National house prices have seen their first turnaround since the back end of 2010, but this year will be one of “mixed outcomes”, it has been claimed.
The latest Australian Property Monitors house price report shows a marginal national median house price rise during the December quarter to hit $533,521.
Although slight, the increase will come as welcome news to property investors, with APM having previously recording five consecutive quarterly declines.
The rise was driven by activity in the Sydney and Melbourne markets, said APM senior economist Andrew Wilson, with each city showing distinct buying trends.
“The small growth in the national median house prices was due to an increase in buyer activity in the bottom end of the market in Sydney and, by contrast, the top end of the market in Melbourne,” Wilson said.
Some of Sydney’s activity could be put down to first homebuyer sales brought forward to beat the December 31 changes to stamp duty concessions. Nevertheless, Wilson said the result was significant as it signalled an end to the trend of price falls over the last year, adding that there is “the realistic potential for a sustained turnaround in some markets.”
He warned, however, that the market could yield mixed results in 2012, with some capital cities seeing a return to growth and others remaining flat.
The APM results come on the back of the Deloitte Access Economics prediction that 2012 will be another difficult year for housing.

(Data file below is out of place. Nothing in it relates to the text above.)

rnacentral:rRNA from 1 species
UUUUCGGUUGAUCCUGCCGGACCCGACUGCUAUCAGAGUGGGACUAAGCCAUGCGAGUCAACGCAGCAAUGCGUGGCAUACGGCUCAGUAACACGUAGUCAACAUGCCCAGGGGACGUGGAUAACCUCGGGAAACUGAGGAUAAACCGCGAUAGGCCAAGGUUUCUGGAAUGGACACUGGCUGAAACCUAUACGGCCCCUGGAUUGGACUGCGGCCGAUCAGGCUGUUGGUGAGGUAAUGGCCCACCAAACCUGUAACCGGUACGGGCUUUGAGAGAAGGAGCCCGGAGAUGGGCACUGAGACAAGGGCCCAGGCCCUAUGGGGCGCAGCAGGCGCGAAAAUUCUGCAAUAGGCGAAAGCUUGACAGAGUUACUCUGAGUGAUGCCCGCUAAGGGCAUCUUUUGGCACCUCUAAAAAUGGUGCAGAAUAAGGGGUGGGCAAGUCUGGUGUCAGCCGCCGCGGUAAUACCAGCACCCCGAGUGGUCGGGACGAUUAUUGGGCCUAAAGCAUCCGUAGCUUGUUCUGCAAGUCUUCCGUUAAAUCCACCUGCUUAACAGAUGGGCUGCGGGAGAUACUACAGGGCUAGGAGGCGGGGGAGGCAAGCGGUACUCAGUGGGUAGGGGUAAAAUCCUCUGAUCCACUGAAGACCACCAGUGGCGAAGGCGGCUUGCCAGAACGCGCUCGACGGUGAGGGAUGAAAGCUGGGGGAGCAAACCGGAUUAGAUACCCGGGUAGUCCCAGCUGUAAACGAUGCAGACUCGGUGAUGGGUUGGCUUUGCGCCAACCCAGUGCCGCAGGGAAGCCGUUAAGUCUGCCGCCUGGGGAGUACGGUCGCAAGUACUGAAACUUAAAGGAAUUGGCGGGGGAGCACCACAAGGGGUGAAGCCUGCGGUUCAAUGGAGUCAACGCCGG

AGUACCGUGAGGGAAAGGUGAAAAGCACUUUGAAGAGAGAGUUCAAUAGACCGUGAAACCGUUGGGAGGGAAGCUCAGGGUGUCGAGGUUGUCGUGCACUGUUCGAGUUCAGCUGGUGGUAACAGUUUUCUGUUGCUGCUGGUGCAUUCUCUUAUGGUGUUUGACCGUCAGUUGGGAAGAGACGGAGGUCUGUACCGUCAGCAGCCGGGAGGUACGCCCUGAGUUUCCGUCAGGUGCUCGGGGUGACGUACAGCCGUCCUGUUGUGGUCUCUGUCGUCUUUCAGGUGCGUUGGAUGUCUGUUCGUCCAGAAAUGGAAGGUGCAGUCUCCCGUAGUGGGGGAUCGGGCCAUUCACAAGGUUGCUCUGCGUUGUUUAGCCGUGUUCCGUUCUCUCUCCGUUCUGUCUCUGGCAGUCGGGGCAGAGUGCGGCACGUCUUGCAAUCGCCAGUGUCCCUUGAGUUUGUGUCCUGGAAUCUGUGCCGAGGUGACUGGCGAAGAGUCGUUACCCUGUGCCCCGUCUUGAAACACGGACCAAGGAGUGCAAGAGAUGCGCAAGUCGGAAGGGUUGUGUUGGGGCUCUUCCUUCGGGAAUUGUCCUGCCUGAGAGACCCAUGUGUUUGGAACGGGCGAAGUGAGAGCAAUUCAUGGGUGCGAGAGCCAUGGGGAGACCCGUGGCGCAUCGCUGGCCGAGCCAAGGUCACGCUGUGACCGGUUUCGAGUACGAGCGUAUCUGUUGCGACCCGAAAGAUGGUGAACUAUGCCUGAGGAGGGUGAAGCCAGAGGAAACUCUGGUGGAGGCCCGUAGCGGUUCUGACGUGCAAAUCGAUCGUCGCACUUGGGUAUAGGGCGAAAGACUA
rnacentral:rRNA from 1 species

The company’s latest Business Outlook notes that, while interest rate cuts and population growth in many areas of the country could spur some demand, a full recovery in the property market is still some way off.
“The pace of housing construction is going nowhere in a hurry. Indeed, that trend has been evident in leading indicators such as approvals and loans for a while now,” the report said.
Deloitte pointed to lingering effects from 2010’s rate increases, along with fears of falling house prices and development roadblocks, saying activity in the housing market had been “sidelined” by the factors.
There is cause for optimism, however. The company said there had been recent stirrings in demand for housing credit, which had risen to a four-year high. Successive interest rate cuts would also renew appetite for housing, Deloitte predicted. Housing construction could also begin to reawaken in the months ahead.
“Although that gap between the demand for housing and its supply doesn’t imply a surge in construction tomorrow, it does add important upward pressure. So although the next few months will see construction remain under pressure, the long awaited upturn may finally become evident by late in 2012,” the report said.